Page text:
4 June 2020, 16:00-17:30
In times when public authorities must take significant decisions that affect public health, civil liberties and people’s prosperity, the public’s right to access information about such decisions is vital. Governments must, under international human rights law, protect the right to freedom of expression, including the right to seek, receive, and impart information of all kinds, regardless of frontiers. In times of crisis, the provision of reliable information in accessible formats to all, including by ensuring access to the internet, is crucial for governments’ efforts to protect the public.
Free, independent, plural and diverse media have proven to be an indispensable ally of governments and public authorities in informing the public, enabling individuals to exercise their rights to seek and receive information and to develop opinions so that they can make informed decisions and appropriate steps to protect themselves and their communities. Furthermore, ensuring media pluralism and strengthening professional journalism plays an important role in countering harmful mis- and disinformation. In this context, more than ever, protecting journalists and media workers must include not only their physical but also their legal and economic safety. Attacks on journalists must be followed by effective investigations with a view of prosecuting and punishing those responsible.
This webinar will look at challenges for the right to access to information in times when most governments need to come up with strategies to mitigate the effect of the COVID-19 pandemic on their societies, including its human rights impacts and the repercussions on their health systems and economies. It will discuss the importance of the right to access to information and of free, independent, plural and diverse media for inclusive and peaceful societies and democracies, for holding public institutions and officials accountable and for good governance.
Panelists will also consider the specific, increased risks for journalists reporting on governments’ social and economic policies and the importance of an enabling environment for journalism, which includes their economic safety.
The webinar is organised by Austria, Canada and the Netherlands in partnership with the RightOn initiative and co-sponsored by members of the core groups on the resolutions on Freedom of Expression and Safety of Journalists at the UN Human Rights Council.
This RightOn event will exceptionally take place on Thursday 4 June at 16:00.
In this online event of the ‘Right On’ digital initiative, panelists discussed challenges for the right to access to information in times when most governments need to come up with strategies to mitigate the effect of the COVID-19 pandemic.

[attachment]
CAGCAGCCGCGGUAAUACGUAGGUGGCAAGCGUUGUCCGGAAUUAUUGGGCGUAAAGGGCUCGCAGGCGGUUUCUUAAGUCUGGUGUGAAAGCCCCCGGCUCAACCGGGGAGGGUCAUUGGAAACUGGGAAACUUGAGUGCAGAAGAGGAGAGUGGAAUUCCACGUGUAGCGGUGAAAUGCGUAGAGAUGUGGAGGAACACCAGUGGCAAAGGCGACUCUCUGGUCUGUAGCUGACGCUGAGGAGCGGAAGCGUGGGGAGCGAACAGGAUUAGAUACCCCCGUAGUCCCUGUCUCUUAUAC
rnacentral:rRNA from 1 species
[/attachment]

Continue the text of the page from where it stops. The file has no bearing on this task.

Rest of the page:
‘Right On’ is a new digital initiative – co-organized by the Geneva Academy, the Geneva Human Rights Platform, the Geneva Internet Platform, the DiploFoundation, the Universal Right Group, the Human Rights Centre at the University of Essex, as well as the Permanent Missions of Denmark, Norway and the Netherlands to the United Nations in Geneva – that will keep the human rights dialogue going during these COVID-19 times.
Every Wednesday at 15:00, experts and practitioners will discuss key human rights issues related to the current health crisis.
A Geneva Academy research supported the entire process that led to the development of the Roadmap, including support to the stocktaking analysis, roadmap drafting and coordination of the consultation and research process.
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This short course, which can be followed in Geneva or online, focuses on the specific issues that arise in times of armed conflict regarding the respect, protection and fulfilment of human rights. It addresses key issues like the applicability of human rights in times of armed conflict; the possibilities of restricting human rights under systems of limitations and derogations; and the extraterritorial application of human rights law.
UN Photo / Jean-Marc Ferré
This training course will explore the origin and evolution of the Universal Periodic Review (UPR) and its functioning in Geneva and will focus on the nature of implementation of the UPR recommendations at the national level.
We are a partner of the Human Rights, Big Data and Technology Project, housed at the University of Essex’s Human Rights Centre, which aims to map and analyse the human rights challenges and opportunities presented by the use of big data and associated technologies. It notably examines whether fundamental human rights concepts and approaches need to be updated and adapted to meet the new realities of the digital age.
This project will facilitate a multistakeholder consultative process to identify knowledge gaps, generate new evidence and co-design evidence-based tools to support regulatory and policy responses to human rights challenges linked to digital technologies.